Candide: Eldorado, Captain Kirk, and Pragmatism

Posted: February 14, 2011 in Enlightenment, Voltaire

In a novel of strange episodes—philosophers being dissected alive, young women making love to monkeys, six deposed kings sitting to dinner in Venice—perhaps the most unaccountable is the hero Candide’s visit to the mythical city of Eldorado, a land where gold is as common as clay and peace and universal brotherhood reign. According to our text, Eldorado was a “fabled but literal[1] land laying between the Orinoco and the Amazon” (Cuffe 139). It was the eighteenth-century’s answer to Utopia and was sought by the Spanish conquistadors for its legendary gold, from which it takes its name (Cuffe 139).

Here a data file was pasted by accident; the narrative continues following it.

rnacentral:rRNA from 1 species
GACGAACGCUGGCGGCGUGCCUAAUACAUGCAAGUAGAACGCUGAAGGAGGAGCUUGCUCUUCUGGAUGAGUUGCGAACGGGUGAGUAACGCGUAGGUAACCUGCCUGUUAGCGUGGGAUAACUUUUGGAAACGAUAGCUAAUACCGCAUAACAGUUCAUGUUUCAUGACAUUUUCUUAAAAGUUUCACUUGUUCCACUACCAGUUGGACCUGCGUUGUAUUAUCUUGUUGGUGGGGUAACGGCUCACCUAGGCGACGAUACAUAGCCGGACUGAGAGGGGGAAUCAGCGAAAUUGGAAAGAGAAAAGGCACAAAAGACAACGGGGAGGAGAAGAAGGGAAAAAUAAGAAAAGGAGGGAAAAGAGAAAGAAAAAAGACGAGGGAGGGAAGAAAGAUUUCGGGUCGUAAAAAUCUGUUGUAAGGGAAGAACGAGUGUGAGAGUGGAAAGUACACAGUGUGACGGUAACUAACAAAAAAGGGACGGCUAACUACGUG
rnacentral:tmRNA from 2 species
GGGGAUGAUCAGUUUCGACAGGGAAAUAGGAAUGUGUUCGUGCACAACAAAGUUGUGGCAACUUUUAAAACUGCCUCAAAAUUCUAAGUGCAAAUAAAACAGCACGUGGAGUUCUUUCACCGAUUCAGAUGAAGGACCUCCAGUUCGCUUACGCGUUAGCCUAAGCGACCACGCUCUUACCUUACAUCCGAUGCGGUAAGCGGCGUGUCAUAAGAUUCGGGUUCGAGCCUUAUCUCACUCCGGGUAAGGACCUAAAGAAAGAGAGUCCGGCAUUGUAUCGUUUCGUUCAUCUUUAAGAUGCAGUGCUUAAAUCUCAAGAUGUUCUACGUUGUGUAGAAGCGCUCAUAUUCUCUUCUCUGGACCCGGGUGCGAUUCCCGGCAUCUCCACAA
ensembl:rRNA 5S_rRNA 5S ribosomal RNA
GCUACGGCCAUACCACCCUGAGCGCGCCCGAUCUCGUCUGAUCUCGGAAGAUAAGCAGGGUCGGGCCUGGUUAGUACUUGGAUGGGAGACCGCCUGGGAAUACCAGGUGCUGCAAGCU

But why does Voltaire, who otherwise restricts his novel to real places, often to real historical events (the Lisbon earthquake of 1755), and whose characters, though exaggerated, are never magical or in any way supernatural, resort to this mythic city? After all, the novel is so relentlessly dark, so insistent on man’s misery, the awful forces of nature, the innate rapacity of humans (remember Martin’s comparisons of humans to hawks), the indifference of God, why include such a happy, peaceful, prosperous country?